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I'm trying to create a function for a research project, but I fear my math knowledge is insufficient to derive it from the attached diagram I've created showing its desired behavior. I'm hoping someone will recognize the behavior and provide some leads on similar functions to lead me in the right direction.

$\hskip 1.1in$ pic

For the axes we have $X \in [0,1]$ and $Y \in (0, \infty)$. The dotted lines are isometric lines of the Z axis. The Z values and exact shape of the isolines are not as important as the monotonicity of the graph w.r.t. both X and Y. I'm not against having a piecewise function for $Y>1$, $Y=1$, and $Y<1$ if necessary but a single function would be a bonus.


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Sorry, I should have been more specific. It's a 3 dimensional function with the Z axis being perpendicular to the screen. The lines are the "points" at which the function crosses those values. For example, at the line marked 1, $Z<1$ when $Y>1$ and $Z>1$ when $Y<1$. It's also referred to as a contour line, where Z equals that value at all points along the line. – Jeff Apr 13 '12 at 23:27
Oh, contour lines, of course. – anon Apr 13 '12 at 23:29
up vote 1 down vote accepted

Try something like $(x,y) \mapsto 1+e^{-(x^2+y^2)}-e^{-(x^2+(y-2)^2)}$? May need a little scaling...

wxMaxima contour plot

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That is fantastic. I apologize for my ignorance, but what parameters would I change to shift the contour lines at y=2 and y=0 to the left a little bit? – Jeff Apr 14 '12 at 6:41
Replace $x$ by something like $1.1 x$, ie, $(x,y) \mapsto 1+e^{-((1.1 x)^2+y^2)}-e^{-((1.1 x)^2+(y-2)^2)}$. Some experimentation will be needed! – copper.hat Apr 14 '12 at 6:50
Thank you so much. This captures exactly what I was looking for! – Jeff Apr 14 '12 at 16:52

It looks like it ought to be something like $$ z = y^{-g(x)}$$ where $g$ is some strictly decreasing function $[0,1] \to (0,\infty)$.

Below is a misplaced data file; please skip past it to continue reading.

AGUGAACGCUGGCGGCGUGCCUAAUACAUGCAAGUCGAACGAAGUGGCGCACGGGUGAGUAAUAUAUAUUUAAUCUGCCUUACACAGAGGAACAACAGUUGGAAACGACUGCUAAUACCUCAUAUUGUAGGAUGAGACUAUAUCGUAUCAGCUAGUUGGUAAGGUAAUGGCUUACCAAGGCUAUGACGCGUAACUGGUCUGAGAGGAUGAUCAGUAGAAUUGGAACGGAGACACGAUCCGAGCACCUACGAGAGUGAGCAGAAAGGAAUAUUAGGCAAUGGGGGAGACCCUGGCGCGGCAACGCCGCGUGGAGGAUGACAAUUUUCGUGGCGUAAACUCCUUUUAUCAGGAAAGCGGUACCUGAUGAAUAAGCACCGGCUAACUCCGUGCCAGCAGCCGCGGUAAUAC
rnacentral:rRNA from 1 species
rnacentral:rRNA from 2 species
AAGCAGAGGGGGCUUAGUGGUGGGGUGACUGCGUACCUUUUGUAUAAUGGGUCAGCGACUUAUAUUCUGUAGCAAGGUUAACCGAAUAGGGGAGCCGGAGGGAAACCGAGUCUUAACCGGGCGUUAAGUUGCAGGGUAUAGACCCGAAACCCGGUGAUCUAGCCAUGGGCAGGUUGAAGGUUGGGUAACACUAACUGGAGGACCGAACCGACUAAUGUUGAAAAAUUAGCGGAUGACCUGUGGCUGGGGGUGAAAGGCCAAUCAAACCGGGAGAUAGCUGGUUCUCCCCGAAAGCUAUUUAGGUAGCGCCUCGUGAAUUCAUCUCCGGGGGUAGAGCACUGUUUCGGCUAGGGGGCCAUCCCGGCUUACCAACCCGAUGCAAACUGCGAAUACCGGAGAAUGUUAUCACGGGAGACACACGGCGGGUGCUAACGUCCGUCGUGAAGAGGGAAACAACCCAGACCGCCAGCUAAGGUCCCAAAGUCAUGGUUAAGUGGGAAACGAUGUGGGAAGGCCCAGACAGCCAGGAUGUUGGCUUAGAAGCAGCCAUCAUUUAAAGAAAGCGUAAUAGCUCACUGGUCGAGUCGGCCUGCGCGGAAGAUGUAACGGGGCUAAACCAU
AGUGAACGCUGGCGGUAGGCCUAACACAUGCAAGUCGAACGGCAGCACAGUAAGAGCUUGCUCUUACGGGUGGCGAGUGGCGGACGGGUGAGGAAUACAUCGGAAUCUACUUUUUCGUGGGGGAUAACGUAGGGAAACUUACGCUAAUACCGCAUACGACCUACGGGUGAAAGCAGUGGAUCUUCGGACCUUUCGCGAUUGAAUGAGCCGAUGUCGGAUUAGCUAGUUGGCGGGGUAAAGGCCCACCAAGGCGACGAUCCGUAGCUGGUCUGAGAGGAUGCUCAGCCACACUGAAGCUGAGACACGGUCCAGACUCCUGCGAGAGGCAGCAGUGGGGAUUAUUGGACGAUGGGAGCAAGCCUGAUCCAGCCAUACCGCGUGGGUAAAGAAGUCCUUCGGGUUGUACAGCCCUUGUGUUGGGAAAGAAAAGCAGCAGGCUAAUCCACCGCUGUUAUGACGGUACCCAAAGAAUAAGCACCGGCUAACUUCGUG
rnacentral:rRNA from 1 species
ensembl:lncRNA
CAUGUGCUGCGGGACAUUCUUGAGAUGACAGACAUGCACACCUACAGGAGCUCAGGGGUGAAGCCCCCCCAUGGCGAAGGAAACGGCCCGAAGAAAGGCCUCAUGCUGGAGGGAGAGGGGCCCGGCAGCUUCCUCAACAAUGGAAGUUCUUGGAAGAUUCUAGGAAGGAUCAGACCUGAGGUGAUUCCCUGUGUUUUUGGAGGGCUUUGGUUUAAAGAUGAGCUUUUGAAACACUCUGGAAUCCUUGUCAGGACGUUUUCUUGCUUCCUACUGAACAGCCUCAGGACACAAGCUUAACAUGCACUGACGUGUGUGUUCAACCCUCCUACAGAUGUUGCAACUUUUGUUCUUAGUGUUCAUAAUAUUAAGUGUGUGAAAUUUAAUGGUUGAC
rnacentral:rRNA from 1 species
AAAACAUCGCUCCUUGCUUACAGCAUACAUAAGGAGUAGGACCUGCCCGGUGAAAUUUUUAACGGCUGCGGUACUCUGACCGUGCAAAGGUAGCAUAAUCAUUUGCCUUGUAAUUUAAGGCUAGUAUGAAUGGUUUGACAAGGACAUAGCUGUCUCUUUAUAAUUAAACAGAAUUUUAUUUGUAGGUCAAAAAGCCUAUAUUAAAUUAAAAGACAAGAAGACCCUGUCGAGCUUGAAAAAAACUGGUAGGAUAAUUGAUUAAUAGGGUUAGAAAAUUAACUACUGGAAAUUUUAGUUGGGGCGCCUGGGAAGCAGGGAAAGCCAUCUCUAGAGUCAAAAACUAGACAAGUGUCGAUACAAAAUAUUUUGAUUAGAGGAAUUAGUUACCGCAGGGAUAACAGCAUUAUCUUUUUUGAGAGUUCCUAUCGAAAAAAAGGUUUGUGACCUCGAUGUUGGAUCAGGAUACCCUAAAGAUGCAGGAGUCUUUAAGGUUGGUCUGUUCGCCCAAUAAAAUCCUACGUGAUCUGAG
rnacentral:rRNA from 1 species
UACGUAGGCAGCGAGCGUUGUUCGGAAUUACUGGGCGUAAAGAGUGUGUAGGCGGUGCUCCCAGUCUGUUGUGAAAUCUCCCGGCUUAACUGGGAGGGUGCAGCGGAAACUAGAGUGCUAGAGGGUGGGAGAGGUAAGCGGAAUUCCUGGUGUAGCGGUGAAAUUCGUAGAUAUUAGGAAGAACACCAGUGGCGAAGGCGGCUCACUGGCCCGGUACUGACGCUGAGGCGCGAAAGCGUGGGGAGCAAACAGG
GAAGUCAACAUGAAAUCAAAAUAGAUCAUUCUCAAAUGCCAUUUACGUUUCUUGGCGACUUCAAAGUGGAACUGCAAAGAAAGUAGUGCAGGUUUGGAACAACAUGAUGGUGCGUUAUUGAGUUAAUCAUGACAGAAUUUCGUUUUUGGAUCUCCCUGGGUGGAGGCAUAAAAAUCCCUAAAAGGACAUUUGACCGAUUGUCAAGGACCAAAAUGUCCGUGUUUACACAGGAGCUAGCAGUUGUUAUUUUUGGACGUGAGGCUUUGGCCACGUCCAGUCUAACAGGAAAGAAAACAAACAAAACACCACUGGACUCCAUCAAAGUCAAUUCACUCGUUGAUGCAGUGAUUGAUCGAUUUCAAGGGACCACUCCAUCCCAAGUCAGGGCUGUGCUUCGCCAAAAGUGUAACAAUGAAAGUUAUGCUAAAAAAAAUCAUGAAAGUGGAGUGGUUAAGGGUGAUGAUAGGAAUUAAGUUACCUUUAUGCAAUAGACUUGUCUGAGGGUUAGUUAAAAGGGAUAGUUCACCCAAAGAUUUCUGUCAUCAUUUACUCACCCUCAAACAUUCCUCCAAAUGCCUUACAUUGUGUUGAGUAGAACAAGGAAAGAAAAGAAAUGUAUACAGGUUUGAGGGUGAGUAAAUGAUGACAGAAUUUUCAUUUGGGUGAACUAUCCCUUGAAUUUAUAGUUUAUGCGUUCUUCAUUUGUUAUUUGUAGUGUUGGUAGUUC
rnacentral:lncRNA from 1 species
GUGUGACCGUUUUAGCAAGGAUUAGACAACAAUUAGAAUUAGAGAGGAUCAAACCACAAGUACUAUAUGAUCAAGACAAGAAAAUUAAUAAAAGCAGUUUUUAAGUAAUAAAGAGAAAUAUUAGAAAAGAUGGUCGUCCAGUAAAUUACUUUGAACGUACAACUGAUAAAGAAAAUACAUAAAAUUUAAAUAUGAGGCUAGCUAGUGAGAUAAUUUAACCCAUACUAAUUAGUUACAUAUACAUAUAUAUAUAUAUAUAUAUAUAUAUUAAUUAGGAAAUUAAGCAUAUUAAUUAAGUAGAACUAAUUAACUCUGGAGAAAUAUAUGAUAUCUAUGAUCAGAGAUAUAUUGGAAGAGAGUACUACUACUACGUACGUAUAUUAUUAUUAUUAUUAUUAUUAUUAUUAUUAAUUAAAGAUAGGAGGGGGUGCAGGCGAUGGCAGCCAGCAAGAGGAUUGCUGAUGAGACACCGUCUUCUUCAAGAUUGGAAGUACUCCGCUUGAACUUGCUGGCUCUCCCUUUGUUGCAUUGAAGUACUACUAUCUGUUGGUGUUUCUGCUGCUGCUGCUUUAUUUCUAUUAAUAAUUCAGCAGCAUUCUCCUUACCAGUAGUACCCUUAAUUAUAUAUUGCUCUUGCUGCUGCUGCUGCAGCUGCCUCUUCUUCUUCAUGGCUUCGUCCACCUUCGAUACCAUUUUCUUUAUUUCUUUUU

The rough sketch does not give much clue to the exact choice of $g$; you could try something like $g(x) = 10 - 9x$ as a starting point.

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This is definitely the right direction, but I'm not sure about the behavior as Y approaches $0$. I was hoping for a derivative that decreases monotonically when $Y<0$. – Jeff Apr 14 '12 at 0:25
@Jeff, you specified $Y\in(0,\infty)$, so what's that about behavior when $Y<0$? – Henning Makholm Apr 14 '12 at 0:27
When $y<1$ rather. – Jeff Apr 14 '12 at 0:30

After some thought, to me this looks like it could be an implicit relationship between $x$, $y$, and $z$:

$$y = 1+(1-z)\textrm{e}^{(1-z)^2x}$$

Solving this equation for $z$ explicitly in terms of $x$ and $y$ is not possible with elementary functions though.

In case it helps, I found this by subtracting $1$ from your contour values, so that they are balanced around $0$ at the horizontal contour line. Then I negated them, so that positives would naturally correspond to contours above the horizontal line. The actual shape of your contour lines reminds me of $$y=1+k\mathrm{e}^{k^2x}$$ where the $k$ in the exponent is really only squared to make it positive. $k$ ranges from $-1$ to $\infty$. $k$ plays the role of the transformed contour values, and then we have my guess at the relationship.

(And maybe replacing $\mathrm{e}$ by some other base would make contour lines more precisely in line with yours.)

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Does making it a piecewise function and solving for only $y<1$ or $y>1$ simplify the relationship enough? It's starting to look like that's the best (if not the only) option at this point. – Jeff Apr 14 '12 at 0:38
No, that wouldn't simplify this particular stab at your problem. With $z$ both "down below" and up in the exponent, it will not be possible to solve for $z$ explicitly using usual functions. However, if you are willing to work with the product log function, then breaking up piecewise does help and you have the two functions defined here. I'd be curious if this works - let me know. – alex.jordan Apr 14 '12 at 21:49

The simplest thing I can think of is $$z=\frac{1−y}{1+4x^2}+1.$$ Its contour lines are parabolae.

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This is excellent, and I like the simplicity of it. I accepted copper.hat's example because it exactly matched the shape I was looking for but I may use this instead. – Jeff Apr 14 '12 at 17:02
No fair, you said "the exact shape of the isolines are not as important"! :) I'm glad you found what you were looking for, in any case. – Rahul Apr 15 '12 at 19:45

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